• The B.C. Interior timber harvest will drop as the export duties marginalize sawmills processing some of the last economic mountain pine beetle-killed timber. This will cause B.C. Interior lumber production to drop with further sawmill closures expected.
  • A 25% export tax on high-value coastal lumber exports is expected to reduce B.C. Coast lumber exports to the U.S. due to many alternative species and products available at lower cost.
  • As the highest cost region in Canada, Eastern Canadian mills will have a difficult time absorbing export duties to the U.S., but by 2020, exports will accelerate to fill the U.S. “supply” gap expected.
  • European structural softwood lumber imports are forecast to ramp up dramatically to take advantage of the pending supply gap that will trigger higher prices, which is what European exporters need to enter and stay in the U.S. market. The magnitude of European softwood lumber imports is difficult to predict, but higher prices will attract huge volumes to the U.S.

In all four export duty scenarios (0% to 35%), U.S. production and European exports to the U.S. rise and Canadian production and exports fall. This results in the U.S. (and European) producers gaining in terms of their market share of U.S. consumption at the expense of Canada, and more as the duty rate rises.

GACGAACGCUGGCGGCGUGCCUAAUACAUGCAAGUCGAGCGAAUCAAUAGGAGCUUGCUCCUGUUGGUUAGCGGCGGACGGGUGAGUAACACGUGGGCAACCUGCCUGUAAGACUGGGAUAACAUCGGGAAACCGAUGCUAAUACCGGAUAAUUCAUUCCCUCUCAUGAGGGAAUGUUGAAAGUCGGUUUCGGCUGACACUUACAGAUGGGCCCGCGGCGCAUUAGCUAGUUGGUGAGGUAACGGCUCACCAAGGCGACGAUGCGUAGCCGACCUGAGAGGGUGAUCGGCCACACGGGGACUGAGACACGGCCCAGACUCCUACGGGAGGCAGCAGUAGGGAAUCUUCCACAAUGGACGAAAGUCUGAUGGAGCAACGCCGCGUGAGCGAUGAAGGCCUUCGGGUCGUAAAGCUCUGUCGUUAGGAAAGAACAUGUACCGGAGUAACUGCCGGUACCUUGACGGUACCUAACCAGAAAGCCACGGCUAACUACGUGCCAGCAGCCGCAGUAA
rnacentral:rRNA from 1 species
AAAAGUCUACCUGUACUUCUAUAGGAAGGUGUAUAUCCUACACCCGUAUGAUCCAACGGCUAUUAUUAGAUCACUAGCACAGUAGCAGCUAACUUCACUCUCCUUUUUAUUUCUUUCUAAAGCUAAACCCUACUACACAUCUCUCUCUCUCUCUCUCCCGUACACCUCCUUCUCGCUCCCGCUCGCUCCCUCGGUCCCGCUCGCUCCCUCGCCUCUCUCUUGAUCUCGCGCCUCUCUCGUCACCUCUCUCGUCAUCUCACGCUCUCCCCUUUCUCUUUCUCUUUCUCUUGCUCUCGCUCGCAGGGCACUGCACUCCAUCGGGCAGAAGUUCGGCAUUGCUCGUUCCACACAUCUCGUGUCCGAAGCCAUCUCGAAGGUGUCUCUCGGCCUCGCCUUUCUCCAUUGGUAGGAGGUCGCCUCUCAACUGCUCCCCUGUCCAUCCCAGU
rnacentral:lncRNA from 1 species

Given the positive outlook for the U.S. housing market over the next five years coupled with U.S. exports duties starting in Q2/2017, a surge in U.S. lumber prices is forecast – smaller in 2017 and then a larger price gain in 2018. Starting later in 2019, we expect a growing shortage of incremental lumber that will require Canadian lumber exports to the U.S. to increase slowly and steadily thereafter, mainly from Eastern Canada. By 2020, it is expected that North American logging and sawmilling capacity will start to lag with overall U.S. lumber demand, and coupled with steady increases in demand and punitive export duties on Canadian exporters – this should allow lumber prices to soar starting in 2020 and beyond. Did somebody say, “super-cycle?”

Full details of the five-year outlook for the U.S. and Canada’s lumber and panels consumption, imports, exports, production and price trends are available in WOOD MARKETS 2017 – The Solid Wood Products Outlook – 2017 to 2021.